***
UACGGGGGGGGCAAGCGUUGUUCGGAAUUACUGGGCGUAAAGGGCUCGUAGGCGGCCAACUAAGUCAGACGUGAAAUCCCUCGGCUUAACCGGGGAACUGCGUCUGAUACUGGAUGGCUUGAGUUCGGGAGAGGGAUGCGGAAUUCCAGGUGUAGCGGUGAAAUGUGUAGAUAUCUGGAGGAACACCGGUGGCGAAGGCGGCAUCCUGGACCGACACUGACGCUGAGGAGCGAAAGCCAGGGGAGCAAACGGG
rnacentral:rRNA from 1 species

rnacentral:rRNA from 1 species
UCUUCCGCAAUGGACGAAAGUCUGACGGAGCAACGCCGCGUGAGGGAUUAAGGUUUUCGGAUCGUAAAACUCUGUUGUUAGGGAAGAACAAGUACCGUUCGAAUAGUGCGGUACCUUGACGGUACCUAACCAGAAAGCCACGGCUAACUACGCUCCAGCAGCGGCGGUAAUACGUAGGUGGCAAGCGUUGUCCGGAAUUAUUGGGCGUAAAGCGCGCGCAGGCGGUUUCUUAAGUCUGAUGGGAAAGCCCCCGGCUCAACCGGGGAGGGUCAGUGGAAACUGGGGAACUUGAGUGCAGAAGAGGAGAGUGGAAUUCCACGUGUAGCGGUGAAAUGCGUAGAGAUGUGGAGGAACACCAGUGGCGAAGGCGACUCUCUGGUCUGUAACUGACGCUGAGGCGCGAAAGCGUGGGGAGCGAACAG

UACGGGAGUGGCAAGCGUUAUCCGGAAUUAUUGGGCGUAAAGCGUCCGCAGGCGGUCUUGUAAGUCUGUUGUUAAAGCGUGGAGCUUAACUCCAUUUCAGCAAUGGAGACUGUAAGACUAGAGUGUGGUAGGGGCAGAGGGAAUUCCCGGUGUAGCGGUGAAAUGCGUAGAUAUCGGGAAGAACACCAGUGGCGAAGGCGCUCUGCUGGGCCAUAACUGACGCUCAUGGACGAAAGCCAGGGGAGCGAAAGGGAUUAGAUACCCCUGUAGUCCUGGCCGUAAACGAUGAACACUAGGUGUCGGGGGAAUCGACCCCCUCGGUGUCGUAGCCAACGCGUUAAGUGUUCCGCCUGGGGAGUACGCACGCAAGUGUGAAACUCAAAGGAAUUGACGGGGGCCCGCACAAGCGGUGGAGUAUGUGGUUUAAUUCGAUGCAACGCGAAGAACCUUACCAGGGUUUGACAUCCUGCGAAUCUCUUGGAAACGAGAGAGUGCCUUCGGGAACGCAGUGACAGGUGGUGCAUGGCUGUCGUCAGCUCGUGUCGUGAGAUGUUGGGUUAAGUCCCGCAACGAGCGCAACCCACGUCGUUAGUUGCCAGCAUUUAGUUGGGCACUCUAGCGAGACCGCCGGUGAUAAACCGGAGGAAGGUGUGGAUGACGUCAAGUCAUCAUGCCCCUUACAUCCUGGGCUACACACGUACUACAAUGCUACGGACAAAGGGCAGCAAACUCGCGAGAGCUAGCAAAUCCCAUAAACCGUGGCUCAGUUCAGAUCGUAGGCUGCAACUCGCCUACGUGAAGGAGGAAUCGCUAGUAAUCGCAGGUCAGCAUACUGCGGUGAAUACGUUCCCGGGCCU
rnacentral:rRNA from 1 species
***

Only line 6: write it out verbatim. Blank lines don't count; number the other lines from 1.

rnacentral:rRNA from 1 species